- The work of psychiatrist Mark Epstein offers insights on how meditation can support the process of therapy.
- Psychotherapist and Zen teacher John Tarrant explicates the healing powers of Zen koans.
- A koan is an ancient teaching tool and has been used to foster mental and emotional health.
“It feels like too much, it’s never-ending and it is all at once. You know the film that just won best picture? What is it called again?” Everything, Everywhere and All at Once? It wasn’t my favorite, but it describes my life,” Margaret, my elderly patient shook her head.
“My husband has been suffering with heart problems for years, and now he has cancer as well. I’ve had this knee surgery, my broken ankle isn’t healing, and now this horrible fall and concussion for months. My head is spinning and I’m constantly dizzy. I’m not allowed to read or use a screen. And no medical treatment seems to help.”
I listened quietly as Margaret continued.
“I feel like we are just getting over the impact of Covid. And these senseless shootings all over the country. It’s not just me, it feels like the whole world is sick,” she said as she began to cry.
I wondered how to respond. Two things came to mind. One was an essay in the New York Times on chronic pain in America by Nicholas Kristof. There is one line that keeps resonating in my mind, “Is this physical suffering a canary in the coal mine warning us of a larger dysfunction in our society?” The connection between personal well-being and the system is not new. In fact, it is ancient. The Indian sage Vimalakirti once said, “I’m sick and the whole world is sick.”
“So, what do I do now?” Margaret demanded, angry and agitated at her circumstances.
I’ve been a practicing clinical psychologist for over 35 years, but at this moment I didn’t know what I could say that would be helpful. Margaret, who had been a tough, take-no-prisoners litigator for decades would not have tolerated anything that was cliched. I didn’t want her to lash out.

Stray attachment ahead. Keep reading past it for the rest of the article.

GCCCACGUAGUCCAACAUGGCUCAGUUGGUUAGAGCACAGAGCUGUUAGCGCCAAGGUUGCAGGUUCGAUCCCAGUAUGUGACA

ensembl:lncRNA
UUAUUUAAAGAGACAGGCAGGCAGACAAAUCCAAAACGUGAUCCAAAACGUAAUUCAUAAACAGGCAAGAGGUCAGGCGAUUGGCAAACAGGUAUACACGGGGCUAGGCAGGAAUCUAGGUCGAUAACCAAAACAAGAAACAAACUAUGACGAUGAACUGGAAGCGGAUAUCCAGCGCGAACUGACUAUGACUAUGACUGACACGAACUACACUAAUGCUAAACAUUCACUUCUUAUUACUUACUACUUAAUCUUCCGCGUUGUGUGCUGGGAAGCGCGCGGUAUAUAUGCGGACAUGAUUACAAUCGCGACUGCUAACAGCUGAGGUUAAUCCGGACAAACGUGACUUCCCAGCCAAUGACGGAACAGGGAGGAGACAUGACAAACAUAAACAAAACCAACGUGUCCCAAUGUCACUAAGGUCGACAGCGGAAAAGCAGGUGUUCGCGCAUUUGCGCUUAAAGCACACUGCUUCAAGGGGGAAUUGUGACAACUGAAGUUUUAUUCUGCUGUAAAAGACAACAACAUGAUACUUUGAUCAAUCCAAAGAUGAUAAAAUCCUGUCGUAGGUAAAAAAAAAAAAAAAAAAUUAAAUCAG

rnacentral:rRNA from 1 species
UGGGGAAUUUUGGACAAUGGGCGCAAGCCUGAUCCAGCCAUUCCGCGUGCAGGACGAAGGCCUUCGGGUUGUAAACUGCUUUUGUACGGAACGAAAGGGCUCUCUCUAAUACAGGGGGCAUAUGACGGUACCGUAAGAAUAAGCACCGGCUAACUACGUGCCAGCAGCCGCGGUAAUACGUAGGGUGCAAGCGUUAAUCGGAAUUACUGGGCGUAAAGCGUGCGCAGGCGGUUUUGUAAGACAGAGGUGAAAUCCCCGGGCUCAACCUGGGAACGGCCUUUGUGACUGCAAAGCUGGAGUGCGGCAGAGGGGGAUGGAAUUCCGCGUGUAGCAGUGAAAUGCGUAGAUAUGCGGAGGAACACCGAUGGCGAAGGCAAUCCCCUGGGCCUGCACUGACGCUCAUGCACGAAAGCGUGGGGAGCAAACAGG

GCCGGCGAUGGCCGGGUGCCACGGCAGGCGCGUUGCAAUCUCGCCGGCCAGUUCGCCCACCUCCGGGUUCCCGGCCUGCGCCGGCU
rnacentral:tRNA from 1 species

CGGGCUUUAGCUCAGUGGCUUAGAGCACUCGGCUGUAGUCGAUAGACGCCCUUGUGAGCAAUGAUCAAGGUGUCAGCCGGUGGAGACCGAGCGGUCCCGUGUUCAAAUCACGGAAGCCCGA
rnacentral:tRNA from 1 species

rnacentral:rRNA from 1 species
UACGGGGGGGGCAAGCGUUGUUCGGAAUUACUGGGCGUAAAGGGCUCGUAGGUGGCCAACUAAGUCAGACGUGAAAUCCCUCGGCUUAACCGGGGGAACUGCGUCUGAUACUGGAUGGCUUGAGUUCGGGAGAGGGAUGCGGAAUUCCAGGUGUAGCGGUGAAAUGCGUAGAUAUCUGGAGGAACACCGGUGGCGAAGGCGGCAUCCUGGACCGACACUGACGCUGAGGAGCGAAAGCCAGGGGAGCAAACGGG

I’d been reading psychiatrist Mark Epstein’s insightful book The Zen of Therapy. I was intrigued by his discussion of the work of psychotherapist and Zen teacher John Tarrant. In fact, I was so intrigued I started attending classes at the Pacific Zen Institute (PZI) and studying Zen Buddhism. There was one very inspiring class, taught by one of Tarrant’s colleagues, Jon Joseph Roshi, that helped me think outside of the usual psychotherapy box. The teachers at PZI use koans as a way of getting a fresh perspective on our problems. (A koan is a riddle for which there is no rational answer. They date from the origins of Zen Buddhism centuries ago). Epstein writes that “therapy itself is a koan. It changes minds by bringing forth unfamiliar qualities that are nevertheless intrinsic to our natures," (p. 213).
In this class, one of my classmates, who has been dealing with debilitating vertigo, described how a particular koan resonated with his condition. Margaret had been a meditator for decades and I wondered if she might be open to trying something different. We had been working together for years; it was a trusting and solid relationship. It seemed like a risk worth taking. I told Margaret about the class and my colleagues’s struggles (protecting confidentiality of course). Margaret is intellectually curious, a voracious reader, and was open to something new. I adapted this classic koan for her, which is attributed to Yinyuan Longqi.
“Don’t light a lamp—there’s no oil in the house…
Just feel your way along the wall.”
When Margaret is well, she attends two book groups and a movie club. She was a natural at koan interpretation.
“Yes, no point in lighting a lamp. It would be against doctor’s orders,” she quipped. “It would just give me a migraine headache. And we are certainly out of oil! That’s a good metaphor. We have no resources now, after all our assorted health problems. And, I have to stay in the darkness. No screens, no TV. I’ve been fighting relentlessly against this. It’s bringing up all this anger, and nightmares about my mother and siblings. Maybe I could stop fighting so hard,” she paused and smiled.
“I like the fact that there is someone else dealing with this. I feel less alone. I can try to go step by step, hand by hand, feeling my way. I feel like I’ve been working with a poem and it just offered me an insight."
The next morning, in my email box, there was a quote from writer Ursula LeGuin that appeared as a quote of the day: “We’re each of us alone. What can you do but hold out your hand in the dark?” I couldn’t help but smile.
Isn’t this the process of therapy? That we accompany each other through dark and difficult times?
In fact, it reminds me of one of my favorite insights from Mark Epstein, that therapy can be a “two-person meditation.”
Epstein, M. (2022) The Zen of Therapy. New York: Penguin Press.
Tarrant, J. (2008). Bring Me the Rhinoceros: And other Zen Koans that will save your Life. Boulder: Shambhala